Big Society and the 21-hour week

A shorter working week would not only slash the benefits bill but drastically improve public life.

David Cameron's Big Society proposal, supposed to breathe new vigour into Britain's public life, appears to have been dead on arrival. Denounced by many Conservatives as too "wooly", damned by others as a fig-leaf for cuts, and said to need major government spending to have any chance of working, Cameron must be wondering how to get his big idea off the ground.

Had he been sitting in a packed-out LSE lecture hall last week for the "About Time" presentation, he would have found the low-cost, practical solution to make the Big Society take off: the panel made the case for Britain adopting a 21-hour working week.

On a recent walkabout in Brixton, where I am a Councillor, I met Sandra, a single mum juggling work and child care. She was excited about a new scheme which gave local people a more direct say over youth services, but was frustrated she couldn't be involved. "I'd put the Big into the Big Society if I could," she said. "But when am I going to find the hours?"

If David Cameron really wants people like Sandra to "Join the Government of Britain" he needs to make more than just a call to arms. With a 21-hour week Sandra would not have to choose between work, caring for her family and being a more active part of her community: she could do all at the same time.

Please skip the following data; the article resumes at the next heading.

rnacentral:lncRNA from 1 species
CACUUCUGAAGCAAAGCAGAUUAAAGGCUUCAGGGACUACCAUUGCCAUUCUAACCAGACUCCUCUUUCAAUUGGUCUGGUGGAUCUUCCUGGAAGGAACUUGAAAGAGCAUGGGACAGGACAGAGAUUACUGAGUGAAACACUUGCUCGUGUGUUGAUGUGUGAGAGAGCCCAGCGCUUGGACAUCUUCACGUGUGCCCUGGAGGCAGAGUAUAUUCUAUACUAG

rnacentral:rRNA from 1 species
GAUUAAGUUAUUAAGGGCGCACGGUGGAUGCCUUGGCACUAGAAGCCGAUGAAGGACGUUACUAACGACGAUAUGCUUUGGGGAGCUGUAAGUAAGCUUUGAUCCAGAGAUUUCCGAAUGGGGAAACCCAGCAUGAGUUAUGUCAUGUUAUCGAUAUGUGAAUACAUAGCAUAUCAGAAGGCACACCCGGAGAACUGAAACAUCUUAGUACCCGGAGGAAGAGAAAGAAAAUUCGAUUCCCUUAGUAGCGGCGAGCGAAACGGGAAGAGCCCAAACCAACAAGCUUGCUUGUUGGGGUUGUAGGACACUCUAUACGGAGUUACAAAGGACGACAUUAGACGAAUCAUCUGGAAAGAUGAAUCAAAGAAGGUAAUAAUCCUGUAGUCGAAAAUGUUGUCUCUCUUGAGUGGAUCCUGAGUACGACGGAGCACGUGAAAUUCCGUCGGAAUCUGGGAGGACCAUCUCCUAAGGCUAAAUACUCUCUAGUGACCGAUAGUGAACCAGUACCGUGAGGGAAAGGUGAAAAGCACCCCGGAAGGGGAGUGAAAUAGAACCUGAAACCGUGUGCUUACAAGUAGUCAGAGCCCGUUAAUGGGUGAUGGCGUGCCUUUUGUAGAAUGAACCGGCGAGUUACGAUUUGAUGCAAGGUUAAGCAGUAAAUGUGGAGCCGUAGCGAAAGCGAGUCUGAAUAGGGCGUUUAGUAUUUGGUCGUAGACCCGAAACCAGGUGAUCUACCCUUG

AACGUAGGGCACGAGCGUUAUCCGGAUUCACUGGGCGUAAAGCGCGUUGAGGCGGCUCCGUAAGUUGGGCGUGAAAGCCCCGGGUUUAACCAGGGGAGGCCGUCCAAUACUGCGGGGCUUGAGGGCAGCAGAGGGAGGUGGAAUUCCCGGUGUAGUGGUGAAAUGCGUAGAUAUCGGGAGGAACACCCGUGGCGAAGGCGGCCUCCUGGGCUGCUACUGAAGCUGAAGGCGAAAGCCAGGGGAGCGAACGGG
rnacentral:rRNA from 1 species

As well as providing the freedom for people to make a Big Society happen, a shorter working week would help create the conditions to make it viable. The demand for funded organisations to provide services on society's behalf would reduce as the entire nation became able to both work and volunteer. Britain's benefits bill would also be slashed by the full employment a 21-hour week would bring.

With free time making up the majority of the week, the improvements for family life, the environment and equality would also translate into lower crime, happier communities and better health. All of this would cost the state less as people could do more with their own lives. All they need to be given is the time.

To make a successful transition happen, government would need to take certain steps. One would be wealth redistribution to those with the lowest incomes, to ensure a dignified standard of living. There would also be a reduction of overall consumption; a socially agreed exchange in return for higher living standards in other areas.

Cameron would need to forge landmark agreements between employers and unions to increase the flexibility of work as hours were gradually reduced. He would also need the courage to see down those who decry these measures as utopian. They offer the best hope of bringing his promise of a Big Society to life.

Alex Holland is a Labour Councillor for Brixton Hill, Lambeth

Len McCluskey. Photo: Getty
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Unite leadership race: What Len McCluskey's victory means

His margin is smaller than expected, but you only need to win by one.